Results: After a median follow-up of 1.4 years, the 2-year disease-free survival (primary endpoint) rate was significantly higher in the blinatumomab arm: 59.3% vs 41.0% (P = .05). The rate of 2-year overall survival, a secondary endpoint, also was higher with blinatumomab vs standard chemotherapy: 79.4% vs 59.2% (P = .005).
Clinical Implications: The AALL1331 trial established blinatumomab as a new standard of care for consolidation therapy in patients between the ages of 1 and 30 with high-risk and intermediate-risk relapse diseases. The major question left unanswered is whether the initial block of re-induction chemotherapy is required prior to the administration of blinatumomab.
DISCLOSURE: Dr. Abutalib has served on advisory boards for AstraZeneca and Partner Therapeutics. Dr. DeAngelo has served as a consultant or advisor to Amgen, Blueprint Medicines, Bristol-Myers Squibb, Celgene, Immunogen, Incyte, Novartis, Pfizer, and Takeda; and has received institutional research funding from AbbVie, Blueprint Medicines, Glycomimetics, and Novartis.
1. Chiaretti S, Bassan R, Vitale A, et al: Dasatinib-blinatumomab combination for the front-line treatment of adult Ph+ ALL patients: Updated results of the GIMEMA LAL2116 D-Alba trial. 2019 ASH Annual Meeting & Exposition. Abstract 740. Presented December 10, 2019.
2. Short NJ, Kantarjian HM, Ravandi F, et al: Updated results of a phase II study of reduced-intensity chemotherapy with mini-hyper-CVD in combination with inotuzumab ozogamicin, with or without blinatumomab, in older adults with newly diagnosed Philadelphia chromosome-negative acute lymphoblastic leukemia. 2019 ASH Annual Meeting & Exposition. Abstract 823. Presented December 10, 2019.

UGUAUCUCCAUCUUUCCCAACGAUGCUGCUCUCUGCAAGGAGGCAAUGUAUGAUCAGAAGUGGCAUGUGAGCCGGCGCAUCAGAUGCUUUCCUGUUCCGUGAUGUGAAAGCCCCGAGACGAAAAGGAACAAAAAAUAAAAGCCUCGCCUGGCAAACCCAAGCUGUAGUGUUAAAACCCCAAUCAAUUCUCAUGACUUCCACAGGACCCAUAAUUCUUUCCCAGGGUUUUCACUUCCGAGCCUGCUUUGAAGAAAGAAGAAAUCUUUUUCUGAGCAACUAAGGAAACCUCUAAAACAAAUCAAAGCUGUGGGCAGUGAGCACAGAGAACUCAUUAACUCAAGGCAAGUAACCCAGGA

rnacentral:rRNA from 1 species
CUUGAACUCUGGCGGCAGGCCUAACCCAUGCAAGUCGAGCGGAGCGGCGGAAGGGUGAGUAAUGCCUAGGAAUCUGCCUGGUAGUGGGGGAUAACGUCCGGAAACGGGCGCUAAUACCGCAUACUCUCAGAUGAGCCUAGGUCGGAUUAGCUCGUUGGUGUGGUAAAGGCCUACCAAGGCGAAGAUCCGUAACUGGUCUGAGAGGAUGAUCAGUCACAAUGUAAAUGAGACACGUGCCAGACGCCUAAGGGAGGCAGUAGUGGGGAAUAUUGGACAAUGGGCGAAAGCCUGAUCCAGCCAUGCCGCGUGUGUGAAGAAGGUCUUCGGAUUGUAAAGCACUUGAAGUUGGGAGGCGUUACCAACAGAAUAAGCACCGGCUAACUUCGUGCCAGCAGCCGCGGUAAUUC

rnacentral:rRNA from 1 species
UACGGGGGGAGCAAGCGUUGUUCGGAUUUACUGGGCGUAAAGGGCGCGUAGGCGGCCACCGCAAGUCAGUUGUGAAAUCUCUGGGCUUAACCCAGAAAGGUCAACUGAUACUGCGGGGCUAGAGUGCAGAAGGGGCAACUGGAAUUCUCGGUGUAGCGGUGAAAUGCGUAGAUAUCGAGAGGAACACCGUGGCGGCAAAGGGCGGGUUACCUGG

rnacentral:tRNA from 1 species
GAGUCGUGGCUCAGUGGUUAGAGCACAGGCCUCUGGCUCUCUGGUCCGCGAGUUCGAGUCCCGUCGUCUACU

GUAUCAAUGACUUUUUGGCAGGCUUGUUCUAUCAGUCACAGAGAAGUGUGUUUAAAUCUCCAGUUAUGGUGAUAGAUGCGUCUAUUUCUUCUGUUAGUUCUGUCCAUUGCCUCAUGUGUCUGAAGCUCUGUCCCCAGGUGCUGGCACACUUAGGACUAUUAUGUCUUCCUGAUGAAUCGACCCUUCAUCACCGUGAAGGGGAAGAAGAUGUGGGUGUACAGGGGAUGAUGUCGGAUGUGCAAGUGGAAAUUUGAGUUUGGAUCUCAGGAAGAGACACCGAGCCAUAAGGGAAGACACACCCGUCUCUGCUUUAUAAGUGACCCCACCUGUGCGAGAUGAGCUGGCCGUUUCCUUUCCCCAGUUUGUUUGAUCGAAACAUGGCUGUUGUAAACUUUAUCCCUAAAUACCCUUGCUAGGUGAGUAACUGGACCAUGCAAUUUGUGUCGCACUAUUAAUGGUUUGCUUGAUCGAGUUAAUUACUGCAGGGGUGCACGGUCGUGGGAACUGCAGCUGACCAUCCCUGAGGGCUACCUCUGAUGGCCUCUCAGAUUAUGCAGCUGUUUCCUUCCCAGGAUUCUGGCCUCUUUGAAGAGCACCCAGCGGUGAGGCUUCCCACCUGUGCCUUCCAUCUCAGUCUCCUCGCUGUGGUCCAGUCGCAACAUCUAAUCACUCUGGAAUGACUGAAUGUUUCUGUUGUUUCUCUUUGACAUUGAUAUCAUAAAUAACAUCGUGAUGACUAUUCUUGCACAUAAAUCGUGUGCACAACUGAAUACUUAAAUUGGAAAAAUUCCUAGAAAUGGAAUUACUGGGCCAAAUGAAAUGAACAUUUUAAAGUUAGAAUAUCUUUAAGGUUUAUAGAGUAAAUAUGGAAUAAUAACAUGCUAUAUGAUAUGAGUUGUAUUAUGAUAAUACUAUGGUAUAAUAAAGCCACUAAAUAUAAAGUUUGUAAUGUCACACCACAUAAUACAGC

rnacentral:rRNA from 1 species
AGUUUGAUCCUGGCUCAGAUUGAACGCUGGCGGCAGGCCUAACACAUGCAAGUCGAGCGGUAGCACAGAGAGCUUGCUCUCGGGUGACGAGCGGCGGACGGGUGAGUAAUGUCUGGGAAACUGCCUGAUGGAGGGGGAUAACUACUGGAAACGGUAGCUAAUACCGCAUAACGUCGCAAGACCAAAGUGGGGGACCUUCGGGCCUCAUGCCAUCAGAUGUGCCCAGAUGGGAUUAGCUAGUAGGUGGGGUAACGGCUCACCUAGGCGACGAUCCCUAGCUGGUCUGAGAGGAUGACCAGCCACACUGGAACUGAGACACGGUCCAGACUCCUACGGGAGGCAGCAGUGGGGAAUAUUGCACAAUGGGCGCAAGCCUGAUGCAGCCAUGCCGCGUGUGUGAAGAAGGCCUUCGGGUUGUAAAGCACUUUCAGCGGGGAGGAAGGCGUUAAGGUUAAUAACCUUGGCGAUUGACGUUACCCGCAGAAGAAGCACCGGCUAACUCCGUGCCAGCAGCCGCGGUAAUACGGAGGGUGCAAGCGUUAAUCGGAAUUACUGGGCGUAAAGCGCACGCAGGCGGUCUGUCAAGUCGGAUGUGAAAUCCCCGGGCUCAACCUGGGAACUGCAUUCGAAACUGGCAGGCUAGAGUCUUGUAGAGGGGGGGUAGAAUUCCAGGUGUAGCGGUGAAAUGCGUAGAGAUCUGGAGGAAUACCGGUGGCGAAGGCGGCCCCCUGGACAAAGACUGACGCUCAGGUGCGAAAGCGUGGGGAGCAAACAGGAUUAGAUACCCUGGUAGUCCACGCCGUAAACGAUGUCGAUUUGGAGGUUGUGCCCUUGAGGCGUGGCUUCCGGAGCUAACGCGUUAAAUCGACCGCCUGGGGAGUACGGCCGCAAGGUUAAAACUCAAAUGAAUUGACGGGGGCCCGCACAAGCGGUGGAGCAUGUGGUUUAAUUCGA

3. Marks DI, Kirkwood AA, Rowntree CJ, et al: First analysis of the UKALL14 phase 3 randomised trial to determine if the addition of rituximab to standard induction chemotherapy improves EFS in adults with precursor B-ALL (CRUK/09/006). 2019 ASH Annual Meeting & Exposition. Abstract 739. Presented December 10, 2019.
4. Advani AS, Moseley A, Liedtke M, et al: SWOG 1312 final results: A phase 1 trial of inotuzumab in combination with CVP (cyclophosphamide, vincristine, prednisone) for relapsed/refractory CD22+ acute leukemia. 2019 ASH Annual Meeting & Exposition. Abstract 227. Presented December 10, 2019.
5. Kantarjian HM, DeAngelo DJ, Stelljes M, et al: Inotuzumab ozogamicin vs standard of care in relapsed or refractory acute lymphoblastic leukemia: Final report and long-term survival follow-up from the randomized, phase 3 INO-VATE study. Cancer 125:2474-2487, 2019.
6. Kantarjian HM, DeAngelo DJ, Stelljes M, et al: Inotuzumab ozogamicin versus standard therapy for acute lymphoblastic leukemia. N Engl J Med 375:740-753, 2016.
7. Brown PA, Ji L, Xu X, et al: A randomized phase 3 trial of blinatumomab vs. chemotherapy as post-reinduction therapy in high and intermediate risk first relapse of B-acute lymphoblastic leukemia in children and adolescents/young adults demonstrates superior efficacy and tolerability of blinatumomab: A report from Children’s Oncology Group Study AALL1331. 2019 ASH Annual Meeting & Exposition. Abstract LBA-1. Presented December 10, 2019.